Riverside Village President Ben Sells said last week that the village board would not vote on whether to construct a floodwall along the Des Plaines River until the Federal Emergency Management Agency (FEMA) performs an analysis to see whether the proposed floodwall would exempt homeowners near the river from having to buy flood insurance.
Waiting for that analysis could delay the time table for approving the floodwall, and could impact the village board’s decision on whether to move ahead with the project at all.
“I think before we can make that decision, we’re going to need to see that conditional analysis done with regard to FEMA and the floodplain issue and the insurance issue,” Sells said during a presentation by the U.S. Army Corps of Engineers at the village board’s Nov. 21 meeting. “That’s going to be a major benefit to the residents who are in the existing floodplain.”
Jeff Zuercher, the floodwall project manager from the Army Corps of Engineers indicated that agency might be ready to ask the village for a decision on moving forward in early 2020, but that could now be delayed for several weeks.
“It may push our schedule a little bit; I can definitely see that happening,” Zuercher said. “That could be four to six months from when we initiate [the FEMA review process].”
Zuercher said the Army Corps would put together a time line and a cost estimate for the FEMA review process, which he would bring back to the village board for approval before starting that effort.
“You can decide at that point what you’d like to do,” Zuercher said.
If FEMA rules that homeowners in the floodplain would need to continue buying flood insurance after the new floodwall is built, that wouldn’t necessarily derail the project, although at least one village trustee voiced that possibility.
“If this does not result in relief from required flood insurance, I’m not quite sure what the point of this exercise is,” said Trustee Edward Hannon.
But, Sells responded that “the point of the exercise would be to get relief from the flood.”
Zuercher also unveiled a revised time line for the project, not counting any delay related to the requested FEMA analysis, if Riverside eventually approves it.
Under the latest timeline, the earlier construction would begin would be spring/summer 2022 and the Army Corps estimates that it could take two years to complete the project.
Zuercher said that construction would migrate as it progressed and that no one property was likely to be a construction zone for the entire period of time.
Residents who live on Maplewood Road, just north of Park Place, reiterated doubts about the scientific modeling performed by the Army Corps of Engineers, which shows the construction of a floodwall extension along the entire north side of Park Place would not increase the risk of flooding on Maplewood Road.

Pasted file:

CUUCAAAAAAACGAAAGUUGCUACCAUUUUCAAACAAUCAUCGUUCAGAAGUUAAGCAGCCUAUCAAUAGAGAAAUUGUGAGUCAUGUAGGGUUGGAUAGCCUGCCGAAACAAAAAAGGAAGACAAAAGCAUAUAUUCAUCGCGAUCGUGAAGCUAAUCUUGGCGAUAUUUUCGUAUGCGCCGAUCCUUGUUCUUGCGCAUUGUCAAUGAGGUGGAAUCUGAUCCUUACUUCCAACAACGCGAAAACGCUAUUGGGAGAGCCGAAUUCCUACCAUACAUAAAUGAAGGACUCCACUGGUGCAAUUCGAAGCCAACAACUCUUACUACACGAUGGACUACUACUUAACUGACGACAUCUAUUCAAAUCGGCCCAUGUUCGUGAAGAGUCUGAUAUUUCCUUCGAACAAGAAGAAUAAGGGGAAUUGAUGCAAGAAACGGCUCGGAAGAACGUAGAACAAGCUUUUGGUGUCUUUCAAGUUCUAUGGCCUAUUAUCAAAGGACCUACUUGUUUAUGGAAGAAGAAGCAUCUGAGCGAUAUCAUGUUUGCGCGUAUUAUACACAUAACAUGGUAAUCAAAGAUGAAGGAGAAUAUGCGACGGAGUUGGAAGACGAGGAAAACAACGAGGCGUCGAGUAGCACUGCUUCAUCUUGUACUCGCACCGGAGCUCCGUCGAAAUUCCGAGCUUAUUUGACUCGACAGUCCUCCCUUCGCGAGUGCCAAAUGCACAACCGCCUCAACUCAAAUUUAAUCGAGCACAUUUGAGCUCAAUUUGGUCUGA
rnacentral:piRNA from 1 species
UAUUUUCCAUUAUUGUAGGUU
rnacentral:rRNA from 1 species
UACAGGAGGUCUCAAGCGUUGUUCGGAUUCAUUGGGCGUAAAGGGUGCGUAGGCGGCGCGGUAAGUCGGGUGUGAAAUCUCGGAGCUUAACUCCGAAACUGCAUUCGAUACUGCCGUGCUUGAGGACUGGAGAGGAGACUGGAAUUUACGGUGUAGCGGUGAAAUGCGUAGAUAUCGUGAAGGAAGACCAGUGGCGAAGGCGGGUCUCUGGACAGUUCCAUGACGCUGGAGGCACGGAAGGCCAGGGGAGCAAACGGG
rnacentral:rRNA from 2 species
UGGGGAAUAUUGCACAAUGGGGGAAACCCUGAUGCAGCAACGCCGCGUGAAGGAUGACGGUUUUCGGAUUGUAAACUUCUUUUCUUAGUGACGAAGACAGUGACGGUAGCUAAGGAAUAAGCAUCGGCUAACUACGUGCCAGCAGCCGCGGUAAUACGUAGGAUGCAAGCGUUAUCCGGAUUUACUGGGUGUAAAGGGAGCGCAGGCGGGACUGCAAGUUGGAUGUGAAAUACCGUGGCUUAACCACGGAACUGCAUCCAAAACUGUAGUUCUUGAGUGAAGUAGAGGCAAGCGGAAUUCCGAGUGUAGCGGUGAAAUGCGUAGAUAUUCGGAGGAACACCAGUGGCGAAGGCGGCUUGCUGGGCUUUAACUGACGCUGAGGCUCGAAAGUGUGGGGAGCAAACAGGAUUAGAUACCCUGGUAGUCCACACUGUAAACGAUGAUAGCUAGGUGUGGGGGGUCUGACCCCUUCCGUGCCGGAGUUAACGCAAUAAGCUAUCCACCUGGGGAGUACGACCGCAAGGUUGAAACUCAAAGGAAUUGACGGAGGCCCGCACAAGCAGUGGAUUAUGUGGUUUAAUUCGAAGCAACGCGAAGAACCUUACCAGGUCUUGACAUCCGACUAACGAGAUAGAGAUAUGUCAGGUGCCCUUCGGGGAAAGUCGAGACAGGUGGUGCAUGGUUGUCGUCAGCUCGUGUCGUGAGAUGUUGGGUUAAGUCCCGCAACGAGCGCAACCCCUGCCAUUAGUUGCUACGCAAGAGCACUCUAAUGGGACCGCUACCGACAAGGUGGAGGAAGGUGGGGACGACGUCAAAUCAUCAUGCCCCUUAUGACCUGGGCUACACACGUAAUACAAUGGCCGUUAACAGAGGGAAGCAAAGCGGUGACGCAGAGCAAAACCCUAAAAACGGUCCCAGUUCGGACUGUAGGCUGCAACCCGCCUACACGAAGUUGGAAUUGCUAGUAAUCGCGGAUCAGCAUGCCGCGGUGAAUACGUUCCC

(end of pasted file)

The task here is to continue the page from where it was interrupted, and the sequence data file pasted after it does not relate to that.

The construction of the floodwall along Park Place is intended to prevent flood water from spilling through a low spot near the intersection of Park Place and Groveland Avenue and flooding the area south of Park Place.
The floodwall, said Zuercher, would not force flood water north and east. Rather, it would continue to flow downstream. Even though it looks like a lot of water, it represents a tiny fraction of the water that flows down the Des Plaines at flood stage.
“When we wall off this area, the amount of water that comes in [to the area south of Park Place] does not significantly raise the flow that’s going through this area,” Zuercher said. “The amount is so small, it’s almost immeasurable.”
Despite the assurance, Groveland Avenue resident Richard Rankin said he was “on the fence” about the floodwall, despite his property flooding twice in the past decade, an experience he called “horrendous.”
“If these people up here [on Maplewood Road] get a drop more water in their yards or in their basements, I won’t be happy,” said Rankin, who added he was representing other property owners in the neighborhood.
In response to West Avenue resident Patrick O’Laughlin’s question about water pooling on the land side of the floodwall during heavy storm events, Zuercher said the Army Corps was proposing installing a pair of pump stations south of the Forest Avenue bridge, to prevent that from happening.
Zuercher also did not rule out the possibility that the Army Corps might be able to place earth against east side of the floodwall, as it is appears on Groveland Avenue now, to soften the barrier’s appearance. However, that remains to be seen.